Wednesday, January 7, 2009

Most are willing to join insurgents

The National (UAE) carries a report from an unnamed Afghan journalist:

Hope battles despair in Ghazni village
Special Correspondent, The National

GHAZNI, Dec 15

... This year, the Taliban claimed to have captured Ajristan without firing a single shot. Soon afterwards, the government insisted it had regained control. People from there say power now changes hands on a regular basis, with neither side having a firm grip on the situation.

However, in scenes mirrored across southern Afghanistan, the insurgents do appear to be gaining strength. Disillusionment, rather than any kind of hardened ideology, is gradually causing people to resist.

“We are not happy with the government or the Taliban,” [a villager] said. “But the younger generations in particular get angry when the Americans and Afghan forces search people’s houses without permission. That, and high unemployment, are why they are changing face to join the Taliban.”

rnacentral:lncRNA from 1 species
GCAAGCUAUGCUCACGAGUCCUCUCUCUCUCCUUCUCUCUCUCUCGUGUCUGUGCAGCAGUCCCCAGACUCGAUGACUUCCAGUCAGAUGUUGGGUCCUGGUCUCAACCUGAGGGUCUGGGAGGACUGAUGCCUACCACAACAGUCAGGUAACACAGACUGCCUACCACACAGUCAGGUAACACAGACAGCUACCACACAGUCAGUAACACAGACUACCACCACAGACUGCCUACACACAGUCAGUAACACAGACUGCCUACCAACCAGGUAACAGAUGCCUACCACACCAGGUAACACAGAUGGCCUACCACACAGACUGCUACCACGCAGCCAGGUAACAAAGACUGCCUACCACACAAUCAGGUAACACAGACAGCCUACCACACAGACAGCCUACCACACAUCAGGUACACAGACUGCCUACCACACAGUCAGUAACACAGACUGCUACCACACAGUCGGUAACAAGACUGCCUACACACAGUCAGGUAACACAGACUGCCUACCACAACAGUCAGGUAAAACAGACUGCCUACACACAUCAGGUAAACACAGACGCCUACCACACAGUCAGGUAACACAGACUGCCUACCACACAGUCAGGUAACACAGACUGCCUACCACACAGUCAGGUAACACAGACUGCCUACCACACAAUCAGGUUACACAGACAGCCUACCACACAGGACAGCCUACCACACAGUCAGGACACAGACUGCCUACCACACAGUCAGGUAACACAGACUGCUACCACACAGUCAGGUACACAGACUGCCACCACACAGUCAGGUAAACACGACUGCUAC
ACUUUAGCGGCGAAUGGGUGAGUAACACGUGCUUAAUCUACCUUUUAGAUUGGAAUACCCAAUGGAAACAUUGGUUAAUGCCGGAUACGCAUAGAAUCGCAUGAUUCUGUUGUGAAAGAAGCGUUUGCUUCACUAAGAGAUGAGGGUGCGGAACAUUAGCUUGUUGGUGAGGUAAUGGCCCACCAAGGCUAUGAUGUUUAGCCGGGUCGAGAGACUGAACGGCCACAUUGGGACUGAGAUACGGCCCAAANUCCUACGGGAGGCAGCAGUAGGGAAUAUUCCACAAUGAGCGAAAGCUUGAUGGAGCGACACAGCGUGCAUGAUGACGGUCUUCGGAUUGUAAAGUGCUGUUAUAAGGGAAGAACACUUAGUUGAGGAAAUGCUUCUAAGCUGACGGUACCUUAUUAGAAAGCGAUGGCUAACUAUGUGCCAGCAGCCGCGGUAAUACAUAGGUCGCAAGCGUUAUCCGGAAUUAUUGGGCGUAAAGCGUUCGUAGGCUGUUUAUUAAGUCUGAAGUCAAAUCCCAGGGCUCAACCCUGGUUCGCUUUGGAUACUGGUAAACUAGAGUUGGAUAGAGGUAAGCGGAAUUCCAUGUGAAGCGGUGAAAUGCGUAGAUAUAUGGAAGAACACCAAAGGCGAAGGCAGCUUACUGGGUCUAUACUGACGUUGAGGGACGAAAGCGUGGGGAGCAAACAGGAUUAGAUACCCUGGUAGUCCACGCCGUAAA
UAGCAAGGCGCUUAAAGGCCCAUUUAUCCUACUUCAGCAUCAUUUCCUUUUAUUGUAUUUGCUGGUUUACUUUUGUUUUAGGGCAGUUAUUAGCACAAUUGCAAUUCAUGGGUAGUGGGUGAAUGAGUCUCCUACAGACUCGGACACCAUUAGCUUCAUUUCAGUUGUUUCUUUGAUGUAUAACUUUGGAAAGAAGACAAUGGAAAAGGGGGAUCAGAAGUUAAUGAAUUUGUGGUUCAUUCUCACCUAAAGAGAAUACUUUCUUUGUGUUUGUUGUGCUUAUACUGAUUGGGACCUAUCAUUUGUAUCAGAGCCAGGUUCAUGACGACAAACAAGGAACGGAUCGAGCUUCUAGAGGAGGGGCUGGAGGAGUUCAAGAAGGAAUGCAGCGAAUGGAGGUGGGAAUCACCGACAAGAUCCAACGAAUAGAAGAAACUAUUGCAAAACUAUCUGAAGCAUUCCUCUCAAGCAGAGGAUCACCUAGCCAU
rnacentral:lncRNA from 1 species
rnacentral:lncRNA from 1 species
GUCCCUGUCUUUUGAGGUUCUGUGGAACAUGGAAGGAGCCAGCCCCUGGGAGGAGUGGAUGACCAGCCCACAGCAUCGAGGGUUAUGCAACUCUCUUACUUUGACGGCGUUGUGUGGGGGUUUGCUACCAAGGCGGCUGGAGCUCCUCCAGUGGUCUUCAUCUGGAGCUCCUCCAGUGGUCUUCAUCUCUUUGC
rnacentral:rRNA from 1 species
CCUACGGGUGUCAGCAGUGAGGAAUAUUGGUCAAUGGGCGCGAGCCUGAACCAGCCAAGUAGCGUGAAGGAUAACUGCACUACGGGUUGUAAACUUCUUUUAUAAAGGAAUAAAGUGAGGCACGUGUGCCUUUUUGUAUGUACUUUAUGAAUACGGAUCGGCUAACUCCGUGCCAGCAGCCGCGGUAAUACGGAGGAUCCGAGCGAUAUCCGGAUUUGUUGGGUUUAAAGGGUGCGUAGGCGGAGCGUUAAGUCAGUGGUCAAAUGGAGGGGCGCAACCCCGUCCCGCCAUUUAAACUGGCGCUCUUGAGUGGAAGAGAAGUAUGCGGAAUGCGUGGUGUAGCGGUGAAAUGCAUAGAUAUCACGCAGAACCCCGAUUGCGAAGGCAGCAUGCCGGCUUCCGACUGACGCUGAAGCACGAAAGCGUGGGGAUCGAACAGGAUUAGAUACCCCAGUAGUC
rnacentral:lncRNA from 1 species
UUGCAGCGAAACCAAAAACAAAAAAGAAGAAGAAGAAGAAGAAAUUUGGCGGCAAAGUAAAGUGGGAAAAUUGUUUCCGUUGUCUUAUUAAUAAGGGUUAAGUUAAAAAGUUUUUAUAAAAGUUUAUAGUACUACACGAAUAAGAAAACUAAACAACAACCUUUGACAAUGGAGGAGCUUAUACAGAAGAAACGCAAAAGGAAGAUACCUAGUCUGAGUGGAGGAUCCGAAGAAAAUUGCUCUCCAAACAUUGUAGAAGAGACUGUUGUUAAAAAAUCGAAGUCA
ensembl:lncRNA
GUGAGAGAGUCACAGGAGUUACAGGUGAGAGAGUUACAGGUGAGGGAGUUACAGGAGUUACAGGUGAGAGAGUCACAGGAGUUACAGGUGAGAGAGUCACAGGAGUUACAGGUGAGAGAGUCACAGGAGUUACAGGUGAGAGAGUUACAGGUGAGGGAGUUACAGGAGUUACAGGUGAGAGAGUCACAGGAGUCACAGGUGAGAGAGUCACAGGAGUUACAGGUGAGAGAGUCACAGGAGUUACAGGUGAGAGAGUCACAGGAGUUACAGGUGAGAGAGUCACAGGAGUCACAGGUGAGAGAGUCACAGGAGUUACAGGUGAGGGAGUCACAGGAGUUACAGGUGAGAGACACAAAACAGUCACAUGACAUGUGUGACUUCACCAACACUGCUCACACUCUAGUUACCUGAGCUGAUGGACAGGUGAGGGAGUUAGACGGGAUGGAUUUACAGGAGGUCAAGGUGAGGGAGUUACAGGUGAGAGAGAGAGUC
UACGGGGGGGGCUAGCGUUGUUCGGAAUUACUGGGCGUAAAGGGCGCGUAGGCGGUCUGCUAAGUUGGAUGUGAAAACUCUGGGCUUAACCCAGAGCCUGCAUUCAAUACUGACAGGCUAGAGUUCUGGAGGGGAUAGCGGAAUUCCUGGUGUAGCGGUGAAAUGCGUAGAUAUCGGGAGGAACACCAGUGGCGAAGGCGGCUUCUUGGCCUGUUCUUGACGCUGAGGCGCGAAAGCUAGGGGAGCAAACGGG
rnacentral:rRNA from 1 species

One British think tank has warned that millions of people throughout the country will be threatened with famine during the next few bitterly cold months. The Royal United Services Institute predicted unrest would grow if not enough is done to tackle the crisis. In Ajristan, at least, that already seems to be coming true.

“Those families living in distant villages are starving,” Mr Hashimi said. “In winter they have to share plants with the animals and some even die because of a lack of food.”

Elsewhere, poverty is also a key factor behind the frustration sweeping through the province. Mohammed Mussa, a 42-year-old taxi driver, said families in his part of Ghazni’s main district had stopped sending their daughters to school after one female student was murdered. Despite this, the number of rebels continues to increase.

Now most of the young men are willing to join the insurgents or get weapons and build their own group,” Mr Mussa said... (link)

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